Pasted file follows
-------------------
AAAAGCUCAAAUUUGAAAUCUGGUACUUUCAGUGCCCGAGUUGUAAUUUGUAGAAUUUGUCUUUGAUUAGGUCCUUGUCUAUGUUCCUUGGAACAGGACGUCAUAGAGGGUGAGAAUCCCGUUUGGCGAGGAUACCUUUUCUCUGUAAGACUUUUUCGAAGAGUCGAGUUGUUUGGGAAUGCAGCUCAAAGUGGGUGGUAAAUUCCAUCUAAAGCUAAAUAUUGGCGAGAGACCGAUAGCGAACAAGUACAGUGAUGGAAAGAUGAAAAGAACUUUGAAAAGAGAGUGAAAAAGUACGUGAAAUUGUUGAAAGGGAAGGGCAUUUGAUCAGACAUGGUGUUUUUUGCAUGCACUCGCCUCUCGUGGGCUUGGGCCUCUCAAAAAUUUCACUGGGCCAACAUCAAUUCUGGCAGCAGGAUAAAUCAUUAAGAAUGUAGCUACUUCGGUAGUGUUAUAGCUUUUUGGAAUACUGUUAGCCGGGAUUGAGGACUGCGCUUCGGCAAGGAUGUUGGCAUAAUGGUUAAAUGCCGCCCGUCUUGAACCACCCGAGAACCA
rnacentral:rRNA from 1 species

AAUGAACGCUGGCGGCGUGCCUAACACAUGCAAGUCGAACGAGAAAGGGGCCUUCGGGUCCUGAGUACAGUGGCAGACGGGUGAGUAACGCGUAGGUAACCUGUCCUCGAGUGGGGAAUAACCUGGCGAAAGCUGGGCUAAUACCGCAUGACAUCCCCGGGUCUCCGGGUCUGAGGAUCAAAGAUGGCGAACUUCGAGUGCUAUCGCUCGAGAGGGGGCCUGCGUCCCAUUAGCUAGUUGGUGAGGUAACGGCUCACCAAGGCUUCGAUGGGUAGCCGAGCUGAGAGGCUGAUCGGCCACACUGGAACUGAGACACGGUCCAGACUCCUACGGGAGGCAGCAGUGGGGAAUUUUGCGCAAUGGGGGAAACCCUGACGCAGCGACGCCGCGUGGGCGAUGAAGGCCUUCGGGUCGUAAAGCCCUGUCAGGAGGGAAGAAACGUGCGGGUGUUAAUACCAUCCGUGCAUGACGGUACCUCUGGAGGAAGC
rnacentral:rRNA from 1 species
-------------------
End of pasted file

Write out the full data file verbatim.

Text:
AAAAGCUCAAAUUUGAAAUCUGGUACUUUCAGUGCCCGAGUUGUAAUUUGUAGAAUUUGUCUUUGAUUAGGUCCUUGUCUAUGUUCCUUGGAACAGGACGUCAUAGAGGGUGAGAAUCCCGUUUGGCGAGGAUACCUUUUCUCUGUAAGACUUUUUCGAAGAGUCGAGUUGUUUGGGAAUGCAGCUCAAAGUGGGUGGUAAAUUCCAUCUAAAGCUAAAUAUUGGCGAGAGACCGAUAGCGAACAAGUACAGUGAUGGAAAGAUGAAAAGAACUUUGAAAAGAGAGUGAAAAAGUACGUGAAAUUGUUGAAAGGGAAGGGCAUUUGAUCAGACAUGGUGUUUUUUGCAUGCACUCGCCUCUCGUGGGCUUGGGCCUCUCAAAAAUUUCACUGGGCCAACAUCAAUUCUGGCAGCAGGAUAAAUCAUUAAGAAUGUAGCUACUUCGGUAGUGUUAUAGCUUUUUGGAAUACUGUUAGCCGGGAUUGAGGACUGCGCUUCGGCAAGGAUGUUGGCAUAAUGGUUAAAUGCCGCCCGUCUUGAACCACCCGAGAACCA
rnacentral:rRNA from 1 species

AAUGAACGCUGGCGGCGUGCCUAACACAUGCAAGUCGAACGAGAAAGGGGCCUUCGGGUCCUGAGUACAGUGGCAGACGGGUGAGUAACGCGUAGGUAACCUGUCCUCGAGUGGGGAAUAACCUGGCGAAAGCUGGGCUAAUACCGCAUGACAUCCCCGGGUCUCCGGGUCUGAGGAUCAAAGAUGGCGAACUUCGAGUGCUAUCGCUCGAGAGGGGGCCUGCGUCCCAUUAGCUAGUUGGUGAGGUAACGGCUCACCAAGGCUUCGAUGGGUAGCCGAGCUGAGAGGCUGAUCGGCCACACUGGAACUGAGACACGGUCCAGACUCCUACGGGAGGCAGCAGUGGGGAAUUUUGCGCAAUGGGGGAAACCCUGACGCAGCGACGCCGCGUGGGCGAUGAAGGCCUUCGGGUCGUAAAGCCCUGUCAGGAGGGAAGAAACGUGCGGGUGUUAAUACCAUCCGUGCAUGACGGUACCUCUGGAGGAAGC
rnacentral:rRNA from 1 species